After a loved one passes away, the thought of spending months waiting for Probate to be over can be frustrating, but these things take time. Just how much time Probate takes is a hazy area, but there are a few things that may affect the process and cause it to take a little longer.
The first job an Executor or Administrator does is to quantify all assets (property, cash, investments, stocks and shares, valuable items – cars, jewellery, paintings etc) and liabilities payable out of the Estate (mortgages, loans, utilities, funeral costs etc).
From this information the Executor/Administrator can establish if it will be necessary to apply for a Grant of Probate (Will) or Grant of Letters of Administration (no Will).
If the Estate is taxable, then inheritance tax needs to be paid before a Grant can be applied for. The tax return to be completed on a taxable estate is complex and valuations for property and valuable items such as antiques must accompany the return. It can take a couple of months to gather all the relevant values and evidence together before being able to complete the return for submission and payment of the tax. Only after the Revenue have issued a certificate to confirm that tax has been paid can the Executor apply for the Grant.
If there is no tax to pay, once the Estate has been quantified, it usually takes around 8 – 12 weeks from completing the application to the Probate Registry to the Grant being received.
From receipt of the Grant to distribution of the Estate will depend on the assets to be realised, for example, if there is a house to be sold the Estate cannot be finalised until the house has been sold.
All beneficiaries entitled to a share in the Estate will also need to be correctly identified, all liabilities paid and Estate Accounts prepared to show assets collected in and monies paid out before the final distribution can take place. A full administration can take between 6 to 12 months to complete – longer if there is a property to be sold.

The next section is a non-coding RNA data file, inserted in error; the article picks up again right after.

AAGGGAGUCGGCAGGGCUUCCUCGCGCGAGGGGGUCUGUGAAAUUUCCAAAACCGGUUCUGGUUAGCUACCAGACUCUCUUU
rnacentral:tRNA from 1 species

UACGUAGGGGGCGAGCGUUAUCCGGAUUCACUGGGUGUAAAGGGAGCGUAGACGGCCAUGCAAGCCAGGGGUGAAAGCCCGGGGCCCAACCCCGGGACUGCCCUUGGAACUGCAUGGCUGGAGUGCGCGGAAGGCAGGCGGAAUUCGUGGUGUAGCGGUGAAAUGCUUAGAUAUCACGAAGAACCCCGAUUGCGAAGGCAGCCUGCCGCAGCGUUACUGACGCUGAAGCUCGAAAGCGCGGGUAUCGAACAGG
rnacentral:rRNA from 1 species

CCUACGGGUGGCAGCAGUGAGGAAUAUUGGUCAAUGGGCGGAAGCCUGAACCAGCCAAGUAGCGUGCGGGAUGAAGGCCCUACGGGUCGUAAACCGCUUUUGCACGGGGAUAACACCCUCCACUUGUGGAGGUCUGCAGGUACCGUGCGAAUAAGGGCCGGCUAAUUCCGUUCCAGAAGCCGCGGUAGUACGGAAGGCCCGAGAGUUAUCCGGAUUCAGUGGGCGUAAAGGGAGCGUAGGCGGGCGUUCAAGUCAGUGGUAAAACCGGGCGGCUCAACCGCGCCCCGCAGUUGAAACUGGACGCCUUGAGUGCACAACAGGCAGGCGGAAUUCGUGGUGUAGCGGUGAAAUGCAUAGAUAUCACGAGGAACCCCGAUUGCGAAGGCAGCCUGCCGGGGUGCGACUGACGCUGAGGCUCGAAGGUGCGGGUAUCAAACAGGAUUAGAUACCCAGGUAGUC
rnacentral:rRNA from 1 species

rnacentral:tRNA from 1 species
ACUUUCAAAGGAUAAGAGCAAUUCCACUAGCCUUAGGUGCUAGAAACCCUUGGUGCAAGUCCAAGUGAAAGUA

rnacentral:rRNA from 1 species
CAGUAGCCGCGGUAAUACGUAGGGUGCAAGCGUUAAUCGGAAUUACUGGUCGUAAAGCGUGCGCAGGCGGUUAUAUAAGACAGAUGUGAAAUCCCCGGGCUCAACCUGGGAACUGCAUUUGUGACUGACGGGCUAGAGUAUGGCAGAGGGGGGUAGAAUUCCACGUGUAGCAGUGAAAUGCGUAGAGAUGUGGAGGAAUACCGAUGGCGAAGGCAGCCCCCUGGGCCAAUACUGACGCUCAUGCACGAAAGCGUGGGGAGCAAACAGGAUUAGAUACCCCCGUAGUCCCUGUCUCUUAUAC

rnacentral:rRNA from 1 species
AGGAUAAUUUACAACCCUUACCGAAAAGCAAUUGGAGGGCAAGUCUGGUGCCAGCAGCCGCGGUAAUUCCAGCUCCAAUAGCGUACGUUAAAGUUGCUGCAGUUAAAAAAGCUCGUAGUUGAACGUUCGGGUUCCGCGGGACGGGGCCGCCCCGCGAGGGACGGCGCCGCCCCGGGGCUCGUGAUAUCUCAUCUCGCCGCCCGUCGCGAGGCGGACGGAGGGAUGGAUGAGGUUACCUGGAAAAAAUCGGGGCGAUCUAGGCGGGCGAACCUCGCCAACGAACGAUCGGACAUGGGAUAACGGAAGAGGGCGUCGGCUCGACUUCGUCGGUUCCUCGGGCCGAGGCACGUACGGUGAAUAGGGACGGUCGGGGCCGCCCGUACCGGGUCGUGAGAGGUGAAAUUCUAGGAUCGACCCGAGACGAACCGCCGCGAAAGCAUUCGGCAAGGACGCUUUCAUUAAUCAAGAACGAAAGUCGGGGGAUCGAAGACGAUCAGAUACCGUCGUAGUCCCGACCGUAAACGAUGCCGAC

If the deceased left behind property with leasehold, stocks and shares, or a number of different assets, the actual valuation could take a lot longer, pushing Probate back by weeks or even months.
In addition, if the will itself is complicated, say the amount is to be divided up a certain way, or the deceased left a charitable legacy, this again may take much longer to organise.
There are certain grounds on which a Will can be contested. For example, if a beneficiary feels there was a problem when the deceased made the Will i.e. they did not have capacity to do so, then they could challenge the Will. If a beneficiary doesn’t feel sufficient provision has been made for them, or they have been left out of the Will completely then they can challenge the Will.
If a beneficiary wants to bring a claim then they should seek the advice of an independent Solicitor as soon as possible – there are time limits in which a claim can be brought and bringing a claim can be costly.
If someone dies without leaving a Will – they have died intestate. Under the rules of intestacy it needs to be established who is entitled to administer the Estate and who the beneficiaries are. There are strict rules to deal with this relating to bloodline.
Family usually seek professional help with intestacy matters as the same rules apply to Administrators in that if they make a mistake, such as not identifying all who may be entitled to a share of the Estate, then they can be held personally liable.
It is important that an Executor understands the terms of the Will.
The provisions contained within a Will can be complicated and it is easy to make mistakes. An Executor should only contemplate dealing with the administration of an Estate personally, if they are confident they fully understand the Will and the correct procedure for administration, if in any doubt, seek professional help to save costly mistakes and sleepless nights!
If you want to find out more about how long Probate takes, or if you would like to get a quote from one of our expert Probate solicitors, call us on 0207 406 5875.
Ellie is a resident writer for Best Value Probate, covering topics such as Probate, wills and other legal proceedings.